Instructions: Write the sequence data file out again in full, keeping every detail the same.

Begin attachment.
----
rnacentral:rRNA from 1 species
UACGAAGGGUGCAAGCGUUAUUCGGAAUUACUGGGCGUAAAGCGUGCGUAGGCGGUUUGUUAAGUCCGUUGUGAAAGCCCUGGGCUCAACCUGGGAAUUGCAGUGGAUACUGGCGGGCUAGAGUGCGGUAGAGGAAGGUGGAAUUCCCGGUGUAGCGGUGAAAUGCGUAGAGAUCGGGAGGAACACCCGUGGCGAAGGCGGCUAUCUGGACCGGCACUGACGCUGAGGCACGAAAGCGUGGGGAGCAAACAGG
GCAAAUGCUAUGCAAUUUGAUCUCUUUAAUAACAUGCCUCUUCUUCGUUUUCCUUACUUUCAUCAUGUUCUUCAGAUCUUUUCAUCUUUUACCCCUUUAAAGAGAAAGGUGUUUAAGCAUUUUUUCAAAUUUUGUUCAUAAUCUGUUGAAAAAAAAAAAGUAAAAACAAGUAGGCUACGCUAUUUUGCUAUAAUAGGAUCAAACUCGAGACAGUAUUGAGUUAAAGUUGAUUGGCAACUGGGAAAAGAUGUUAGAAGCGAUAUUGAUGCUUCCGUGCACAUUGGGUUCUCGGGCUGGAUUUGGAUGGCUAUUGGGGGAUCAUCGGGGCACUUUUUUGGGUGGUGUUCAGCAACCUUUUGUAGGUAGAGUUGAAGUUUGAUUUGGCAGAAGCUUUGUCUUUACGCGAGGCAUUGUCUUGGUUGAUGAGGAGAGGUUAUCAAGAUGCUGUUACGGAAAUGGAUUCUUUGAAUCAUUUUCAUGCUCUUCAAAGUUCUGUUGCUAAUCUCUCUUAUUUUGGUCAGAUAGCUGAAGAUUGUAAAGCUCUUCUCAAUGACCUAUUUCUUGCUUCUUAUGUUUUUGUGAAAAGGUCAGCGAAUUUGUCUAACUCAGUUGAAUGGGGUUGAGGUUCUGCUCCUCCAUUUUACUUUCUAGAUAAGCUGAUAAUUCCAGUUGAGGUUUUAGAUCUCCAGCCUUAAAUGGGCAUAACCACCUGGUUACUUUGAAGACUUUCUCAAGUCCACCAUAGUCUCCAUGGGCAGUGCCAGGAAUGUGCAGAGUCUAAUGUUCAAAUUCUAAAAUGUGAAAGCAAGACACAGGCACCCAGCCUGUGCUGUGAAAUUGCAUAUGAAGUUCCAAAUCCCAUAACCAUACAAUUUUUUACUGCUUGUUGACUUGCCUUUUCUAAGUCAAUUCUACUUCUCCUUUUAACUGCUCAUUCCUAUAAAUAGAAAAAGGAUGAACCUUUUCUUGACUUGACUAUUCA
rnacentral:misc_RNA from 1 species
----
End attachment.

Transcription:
rnacentral:rRNA from 1 species
UACGAAGGGUGCAAGCGUUAUUCGGAAUUACUGGGCGUAAAGCGUGCGUAGGCGGUUUGUUAAGUCCGUUGUGAAAGCCCUGGGCUCAACCUGGGAAUUGCAGUGGAUACUGGCGGGCUAGAGUGCGGUAGAGGAAGGUGGAAUUCCCGGUGUAGCGGUGAAAUGCGUAGAGAUCGGGAGGAACACCCGUGGCGAAGGCGGCUAUCUGGACCGGCACUGACGCUGAGGCACGAAAGCGUGGGGAGCAAACAGG
GCAAAUGCUAUGCAAUUUGAUCUCUUUAAUAACAUGCCUCUUCUUCGUUUUCCUUACUUUCAUCAUGUUCUUCAGAUCUUUUCAUCUUUUACCCCUUUAAAGAGAAAGGUGUUUAAGCAUUUUUUCAAAUUUUGUUCAUAAUCUGUUGAAAAAAAAAAAGUAAAAACAAGUAGGCUACGCUAUUUUGCUAUAAUAGGAUCAAACUCGAGACAGUAUUGAGUUAAAGUUGAUUGGCAACUGGGAAAAGAUGUUAGAAGCGAUAUUGAUGCUUCCGUGCACAUUGGGUUCUCGGGCUGGAUUUGGAUGGCUAUUGGGGGAUCAUCGGGGCACUUUUUUGGGUGGUGUUCAGCAACCUUUUGUAGGUAGAGUUGAAGUUUGAUUUGGCAGAAGCUUUGUCUUUACGCGAGGCAUUGUCUUGGUUGAUGAGGAGAGGUUAUCAAGAUGCUGUUACGGAAAUGGAUUCUUUGAAUCAUUUUCAUGCUCUUCAAAGUUCUGUUGCUAAUCUCUCUUAUUUUGGUCAGAUAGCUGAAGAUUGUAAAGCUCUUCUCAAUGACCUAUUUCUUGCUUCUUAUGUUUUUGUGAAAAGGUCAGCGAAUUUGUCUAACUCAGUUGAAUGGGGUUGAGGUUCUGCUCCUCCAUUUUACUUUCUAGAUAAGCUGAUAAUUCCAGUUGAGGUUUUAGAUCUCCAGCCUUAAAUGGGCAUAACCACCUGGUUACUUUGAAGACUUUCUCAAGUCCACCAUAGUCUCCAUGGGCAGUGCCAGGAAUGUGCAGAGUCUAAUGUUCAAAUUCUAAAAUGUGAAAGCAAGACACAGGCACCCAGCCUGUGCUGUGAAAUUGCAUAUGAAGUUCCAAAUCCCAUAACCAUACAAUUUUUUACUGCUUGUUGACUUGCCUUUUCUAAGUCAAUUCUACUUCUCCUUUUAACUGCUCAUUCCUAUAAAUAGAAAAAGGAUGAACCUUUUCUUGACUUGACUAUUCA
rnacentral:misc_RNA from 1 species